PROVIDENCE — Darren Austin was getting his car inspected at a dealership Tuesday when he saw news that the smoke from wildfires in Nova Scotia had reached Rhode Island.
When he ran outside, he saw not just the plume, but ash falling on the cars in the lot. It was, Austin said, a bit shocking.
“That’s never good, when you’re seeing flakes of ash blowing around,” Austin said.
Austin is an air quality specialist at the state Department of Environmental Management, so he’s accustomed to tracking these sorts of air quality events. But the visible effects of this fire in particular were more in-your-face than usual — you could see and even smell it all around Rhode Island and Massachusetts — and came at the end of a month when many days that should have had bright blue skies were instead stark white from fires in other parts of North America.
The Massachusetts Department of Environmental Protection issued an air quality alert on Tuesday, warning of elevated fine particle levels, before the smoky haze moved out overnight.
These sorts of events might not be as shocking in the years to come: New England is looking at a potentially smokier future, according to local experts, with climate change contributing to conditions ripe for wildfires. It’s not just increasing the risk in places like Canada and the western United States, where smoke from fires can and already does reach places like Rhode Island, but here in the state, too.
It’s tricky to point to climate change as the direct cause of any one particular event, but experts say climate change is making for drier and warmer conditions, and even causing changes in the populations of tree-killing insects. Taken together, these factors make the state more vulnerable to fires.
According to Ambarish Karmalkar, a visiting assistant professor at the University of Rhode Island, wildfire activity in the northeastern United States is fairly rare because of regular rain or snow throughout the year. But “increasing temperatures due to climate change, combined with extended dry spells could produce favorable conditions for wildfire activity,” Karmalkar said in an e-mail.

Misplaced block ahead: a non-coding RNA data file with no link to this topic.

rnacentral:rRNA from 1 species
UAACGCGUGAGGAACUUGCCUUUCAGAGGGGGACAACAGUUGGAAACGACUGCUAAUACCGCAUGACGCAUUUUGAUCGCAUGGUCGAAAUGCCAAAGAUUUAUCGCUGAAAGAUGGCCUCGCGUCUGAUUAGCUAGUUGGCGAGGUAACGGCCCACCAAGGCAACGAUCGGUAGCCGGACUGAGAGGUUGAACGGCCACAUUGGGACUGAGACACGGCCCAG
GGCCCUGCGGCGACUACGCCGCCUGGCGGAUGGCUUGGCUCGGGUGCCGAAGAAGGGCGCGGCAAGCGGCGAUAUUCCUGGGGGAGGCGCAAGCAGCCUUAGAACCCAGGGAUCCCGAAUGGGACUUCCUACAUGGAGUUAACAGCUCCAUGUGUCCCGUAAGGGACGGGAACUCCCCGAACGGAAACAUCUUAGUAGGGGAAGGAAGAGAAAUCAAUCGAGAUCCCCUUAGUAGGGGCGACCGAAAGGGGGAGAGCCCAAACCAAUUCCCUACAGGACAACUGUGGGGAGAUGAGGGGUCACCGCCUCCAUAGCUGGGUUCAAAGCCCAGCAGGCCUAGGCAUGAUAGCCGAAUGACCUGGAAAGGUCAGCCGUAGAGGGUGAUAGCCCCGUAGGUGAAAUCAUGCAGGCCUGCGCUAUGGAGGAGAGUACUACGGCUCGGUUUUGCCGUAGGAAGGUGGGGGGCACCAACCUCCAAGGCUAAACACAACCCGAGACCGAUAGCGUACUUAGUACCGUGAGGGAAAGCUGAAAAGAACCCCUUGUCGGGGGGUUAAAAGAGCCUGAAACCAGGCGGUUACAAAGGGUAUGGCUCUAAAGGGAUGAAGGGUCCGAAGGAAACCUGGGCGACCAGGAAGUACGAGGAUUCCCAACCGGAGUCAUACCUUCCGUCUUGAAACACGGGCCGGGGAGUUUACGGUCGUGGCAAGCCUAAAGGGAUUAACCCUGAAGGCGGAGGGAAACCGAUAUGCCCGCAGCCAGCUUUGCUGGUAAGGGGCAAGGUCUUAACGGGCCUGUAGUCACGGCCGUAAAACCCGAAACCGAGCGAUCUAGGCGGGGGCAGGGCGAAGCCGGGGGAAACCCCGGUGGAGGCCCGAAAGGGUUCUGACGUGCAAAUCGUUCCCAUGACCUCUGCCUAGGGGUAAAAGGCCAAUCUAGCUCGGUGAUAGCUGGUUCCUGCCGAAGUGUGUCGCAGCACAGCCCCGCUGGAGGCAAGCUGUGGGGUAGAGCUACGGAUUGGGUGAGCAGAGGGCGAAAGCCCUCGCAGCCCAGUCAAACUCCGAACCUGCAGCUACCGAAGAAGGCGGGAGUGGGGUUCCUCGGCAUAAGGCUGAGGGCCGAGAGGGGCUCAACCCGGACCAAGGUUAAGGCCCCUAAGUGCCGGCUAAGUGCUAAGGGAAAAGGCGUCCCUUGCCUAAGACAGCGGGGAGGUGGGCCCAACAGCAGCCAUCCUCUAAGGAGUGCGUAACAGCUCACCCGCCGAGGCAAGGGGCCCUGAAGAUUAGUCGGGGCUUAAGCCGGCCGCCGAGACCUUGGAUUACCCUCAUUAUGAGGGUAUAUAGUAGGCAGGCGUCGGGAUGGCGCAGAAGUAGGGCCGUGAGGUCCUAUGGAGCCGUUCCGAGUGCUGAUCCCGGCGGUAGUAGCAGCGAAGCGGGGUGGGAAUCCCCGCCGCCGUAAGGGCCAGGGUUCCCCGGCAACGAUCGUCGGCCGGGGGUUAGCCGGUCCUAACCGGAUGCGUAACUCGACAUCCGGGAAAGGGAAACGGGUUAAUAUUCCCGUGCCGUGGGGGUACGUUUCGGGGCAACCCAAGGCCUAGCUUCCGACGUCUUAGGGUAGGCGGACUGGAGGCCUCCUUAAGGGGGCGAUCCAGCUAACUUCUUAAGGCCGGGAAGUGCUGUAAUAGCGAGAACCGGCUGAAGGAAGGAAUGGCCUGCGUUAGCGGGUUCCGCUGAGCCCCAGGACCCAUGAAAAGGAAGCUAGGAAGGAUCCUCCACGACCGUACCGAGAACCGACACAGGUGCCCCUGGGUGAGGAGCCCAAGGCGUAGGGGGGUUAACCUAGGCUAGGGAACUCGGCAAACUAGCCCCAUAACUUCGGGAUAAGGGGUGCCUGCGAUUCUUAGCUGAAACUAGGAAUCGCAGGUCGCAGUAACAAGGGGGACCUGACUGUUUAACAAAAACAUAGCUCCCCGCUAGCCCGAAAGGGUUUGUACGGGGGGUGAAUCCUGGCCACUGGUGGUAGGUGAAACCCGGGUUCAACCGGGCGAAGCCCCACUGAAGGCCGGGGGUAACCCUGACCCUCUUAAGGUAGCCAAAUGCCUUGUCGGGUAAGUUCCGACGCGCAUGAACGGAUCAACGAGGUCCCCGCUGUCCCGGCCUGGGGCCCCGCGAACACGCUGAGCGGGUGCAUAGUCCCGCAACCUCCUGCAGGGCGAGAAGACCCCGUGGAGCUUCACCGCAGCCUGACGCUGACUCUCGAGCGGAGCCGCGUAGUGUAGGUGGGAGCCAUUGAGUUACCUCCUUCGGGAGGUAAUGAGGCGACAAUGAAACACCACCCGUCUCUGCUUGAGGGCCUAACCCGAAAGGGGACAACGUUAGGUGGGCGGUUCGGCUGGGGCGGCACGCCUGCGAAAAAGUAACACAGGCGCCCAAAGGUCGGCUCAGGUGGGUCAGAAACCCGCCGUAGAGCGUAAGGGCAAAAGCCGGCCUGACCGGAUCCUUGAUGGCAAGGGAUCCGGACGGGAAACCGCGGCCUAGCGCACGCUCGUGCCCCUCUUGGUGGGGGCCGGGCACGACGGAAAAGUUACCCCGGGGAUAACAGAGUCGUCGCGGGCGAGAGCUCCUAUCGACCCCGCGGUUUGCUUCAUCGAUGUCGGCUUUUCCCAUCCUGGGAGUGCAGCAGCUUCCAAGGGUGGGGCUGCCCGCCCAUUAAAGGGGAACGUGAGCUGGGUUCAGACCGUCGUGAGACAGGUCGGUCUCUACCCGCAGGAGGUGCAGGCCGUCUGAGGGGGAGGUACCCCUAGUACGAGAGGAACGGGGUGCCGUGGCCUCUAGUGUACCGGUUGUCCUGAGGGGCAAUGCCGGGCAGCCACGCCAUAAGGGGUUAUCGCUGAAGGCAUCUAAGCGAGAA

Karmalkar published a study in Nature Climate Change showing the coastal Northeast, including Rhode Island, has experienced especially dramatic warming over the last century, which “suggests serious implications if these trends were to continue in the future,” Karmalkar said.
For air quality, that can mean a sort of two steps forward, one step back sort of progress: While air quality in general has gotten better over the years because of improved emissions standards, Austin explained, that progress could be undermined by more frequent and severe wildfires — in part because smoke can make ozone worse. On Tuesday, Rhode Island’s air quality was considered unhealthy due to the Nova Scotia wildfires.
It’s not unusual for the effects of wildfires in other parts of North America to reach Rhode Island. What makes this one stand out is the fire’s relative proximity to the state and that the wind was blowing in the right direction to send the plumes here, closer to the ground than the typical wildfire impacts.
But in a climate-altered future, Rhode Island and the rest of the region will also have new and even more direct risks, with a longer local fire season than the typical mid-March to mid-April timeframe. That’s when snow melts and the sun shines through to the kindling-heavy forest floor without live tree leaves getting in the way. In the last half-decade, according to state data, there have been fewer fire starts in Rhode Island, but they’ve burned more total acreage, according to Patrick MacMeekin, wildland fire supervisor for the DEM. A fire that burned in Exeter was reportedly the largest in the state since 1942.
“We’re fortunate in that this is not a new challenge for places like the West Coast and the southeastern United States,” MacMeekin said. “We have good models that we can look to on how to manage our fire risk. These are going to be really important in the next couple of years in the region.”
Insect populations are already playing a direct sort of role, MacMeekin said. The range of the southern pine beetle is expanding, even a little into Rhode Island. The beetles can kill trees and cause more fires, MacMeekin said.
One thing that’s already happening to address these challenges is a big increase in prescribed fire, MacMeekin said. Among other things, the deliberate but controlled and supervised setting of fires can remove fuel for wildfires from the environment.
The concerns are particularly acute in some of the more forested areas of the state, which state Representative Mike Chippendale, a Foster Republican and his chamber’s minority leader, represents. Rhode Island’s forested lands are in a part of their life cycle where forestry management is necessary, Chippendale said. (He said he was not making causal assertions about a changing climate.) But the DEM, which does an incredible job with limited resources, is overwhelmed, he said.
“It may not be ‘politically sexy’ to spend money on something as mundane and ‘out of view’ as forestry management, but if our hot, dry August sees forest fires as did our April, I assure you the issue will be on the forefront of a lot of Rhode Island minds — particularly if fires strike into residential areas,” Chippendale said in an e-mail.